Don’t be fooled by the price cuts and the friendly visage, the supermarkets exist only to make the maximum profit for their owners; the customers are simply part of the equation, and that equation involves the customer spending at least the same amount of money on each visit. Tesco’s move to cut prices will have little effect on us, the damage has already been done. Who’s next? You have been warned.
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Direct link to the full piece with comments
A series of poems (circa 1999)
On a Broken, Worn Out, Cheap, Plastic, Cigarette Lighter.
( i )
Oil processed, metal mined,
Gas released, so refined;
Cog turning, flint burning;
( ii )
reflections on a cigarette lighter:
distorted – not much.
( iii )
Shall I compare it to a source of light?
Or shall I simply call it flaming junk?
When it was new it struck and lit all right.
But now it’s just a useless, lifeless hunk.
Of plastic, metal and of gas composed,
A man made thing to do the job of fire.
It might be clever if I juxtaposed,
The foundry’s rush and a heavenly choir.
Singing its song it lit up many nights,
But now it’s gone and ever will reside,
On the council tip with the other shite.
Silting the globe, why did it have to die?
Do not believe its life has been in vain,
‘Cos from the dump it will rise once again.
( iv )
The thing is like a stick of light.
It is a bite of frost.
Its lion’s roar, its breath so bright,
A broken beam, it’s lost.
( v )
Fruit of mans’ hand,
We don’t understand,
How much you demand.
October 2, 2013: This poem was written in September 2001, not long after the planes hit the Twin Towers – it is by far the most popular page on this site due to the extraordinary number of people who still google “Twin Towers” every day. I don’t know if anyone actually reads the poem, or just looks at the picture but it would be nice to know. So. if you do read until the end of the poem please click like/dislike icons – thanks.
I was wounded first –
the blow caught me in the neck.
I couldn’t breathe,
with a whoosh of fire,
my mouth opened
and huge clouds of smoke fled out.
I didn’t realise I had such energy,
I smiled when I knew I was dying;
I always said I would go first.
You watched as I choked, incredulously,
not wanting to believe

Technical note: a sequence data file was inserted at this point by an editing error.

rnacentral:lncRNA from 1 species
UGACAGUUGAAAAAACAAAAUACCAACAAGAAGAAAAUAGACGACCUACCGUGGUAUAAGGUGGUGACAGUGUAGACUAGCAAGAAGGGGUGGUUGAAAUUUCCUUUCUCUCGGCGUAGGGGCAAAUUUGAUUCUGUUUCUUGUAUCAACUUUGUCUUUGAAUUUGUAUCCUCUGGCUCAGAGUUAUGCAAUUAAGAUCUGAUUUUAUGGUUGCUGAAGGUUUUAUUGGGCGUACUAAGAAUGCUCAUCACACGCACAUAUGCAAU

in my mortality.
My belly shook, I retched and coughed,
but your strength,
the power of your gaze,
began to mend.
you were smacked in the chest;
a direct hit to your heart,
and you shuddered
but you didn’t scream;
there was no sound
That’s when I caught your eye;
that’s when I knew
we were both going to die.
In that silent lightless time
I watched, still wounded,
still breathing burning breath,
you deflated with a groan
that shook the world.
I stood, shocked, alone in emptiness
that spread like nothing
through the universe.
With no light left, I crumbled too;
we sighed together, merged –
in mounds of dirt.
I knew that love can never die
not even then, not in that place
where the world was witness
to our hurt.
Things fail – bicycles, cars, washing machines, governments, recipes and businesses. A failure is something that has failed, fair enough. For me though, that word has always been impossible to apply to a person. Someone who failed to make an appointment because of a traffic jam may have failed to arrive on time but is not a failure. Life is a complex web of possibilities and the choices we make about which threads to navigate are influenced by every micro-facet of our existence, whether we are aware of it or not.
Blame is another word I have a problem with. It’s a very negative word and is used to attack and hurt people. This doesn’t mean that people are not responsible for the choices they make, responsibility is not blame, though the two terms are often used the same way. The point is, life is complex and as tiny creatures in this infinite universe where every nano action ultimately has an effect on everything, we can only pray we are making the right choices as we step onto the tightropes of those threads.
That’s the hypothesis. Now to the real world – I am a failure, I am to blame. It’s true. Continue reading
Marc practising a song from The Flight of the Wren